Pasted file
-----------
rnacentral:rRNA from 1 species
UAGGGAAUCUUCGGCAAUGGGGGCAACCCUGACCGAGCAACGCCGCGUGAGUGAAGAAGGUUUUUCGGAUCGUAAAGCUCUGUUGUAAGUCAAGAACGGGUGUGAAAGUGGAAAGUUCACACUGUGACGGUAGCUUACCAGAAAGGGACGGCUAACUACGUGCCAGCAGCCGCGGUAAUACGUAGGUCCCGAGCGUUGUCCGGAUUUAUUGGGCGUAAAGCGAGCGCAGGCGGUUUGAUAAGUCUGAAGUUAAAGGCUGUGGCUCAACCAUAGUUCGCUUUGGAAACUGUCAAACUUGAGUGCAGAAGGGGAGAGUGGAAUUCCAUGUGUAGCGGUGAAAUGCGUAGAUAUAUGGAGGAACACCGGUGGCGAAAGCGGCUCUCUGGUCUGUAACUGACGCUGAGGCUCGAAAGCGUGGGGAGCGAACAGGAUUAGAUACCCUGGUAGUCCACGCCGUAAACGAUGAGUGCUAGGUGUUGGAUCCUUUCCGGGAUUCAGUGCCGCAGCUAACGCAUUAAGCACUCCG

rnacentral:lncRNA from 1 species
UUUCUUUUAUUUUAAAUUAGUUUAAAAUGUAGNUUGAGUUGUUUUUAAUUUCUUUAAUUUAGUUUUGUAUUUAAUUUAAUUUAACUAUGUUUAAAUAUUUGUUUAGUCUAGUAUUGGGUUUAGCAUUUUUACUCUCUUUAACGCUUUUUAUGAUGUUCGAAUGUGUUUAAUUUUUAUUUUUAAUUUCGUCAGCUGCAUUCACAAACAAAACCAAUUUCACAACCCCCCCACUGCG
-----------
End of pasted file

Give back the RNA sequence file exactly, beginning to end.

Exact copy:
rnacentral:rRNA from 1 species
UAGGGAAUCUUCGGCAAUGGGGGCAACCCUGACCGAGCAACGCCGCGUGAGUGAAGAAGGUUUUUCGGAUCGUAAAGCUCUGUUGUAAGUCAAGAACGGGUGUGAAAGUGGAAAGUUCACACUGUGACGGUAGCUUACCAGAAAGGGACGGCUAACUACGUGCCAGCAGCCGCGGUAAUACGUAGGUCCCGAGCGUUGUCCGGAUUUAUUGGGCGUAAAGCGAGCGCAGGCGGUUUGAUAAGUCUGAAGUUAAAGGCUGUGGCUCAACCAUAGUUCGCUUUGGAAACUGUCAAACUUGAGUGCAGAAGGGGAGAGUGGAAUUCCAUGUGUAGCGGUGAAAUGCGUAGAUAUAUGGAGGAACACCGGUGGCGAAAGCGGCUCUCUGGUCUGUAACUGACGCUGAGGCUCGAAAGCGUGGGGAGCGAACAGGAUUAGAUACCCUGGUAGUCCACGCCGUAAACGAUGAGUGCUAGGUGUUGGAUCCUUUCCGGGAUUCAGUGCCGCAGCUAACGCAUUAAGCACUCCG

rnacentral:lncRNA from 1 species
UUUCUUUUAUUUUAAAUUAGUUUAAAAUGUAGNUUGAGUUGUUUUUAAUUUCUUUAAUUUAGUUUUGUAUUUAAUUUAAUUUAACUAUGUUUAAAUAUUUGUUUAGUCUAGUAUUGGGUUUAGCAUUUUUACUCUCUUUAACGCUUUUUAUGAUGUUCGAAUGUGUUUAAUUUUUAUUUUUAAUUUCGUCAGCUGCAUUCACAAACAAAACCAAUUUCACAACCCCCCCACUGCG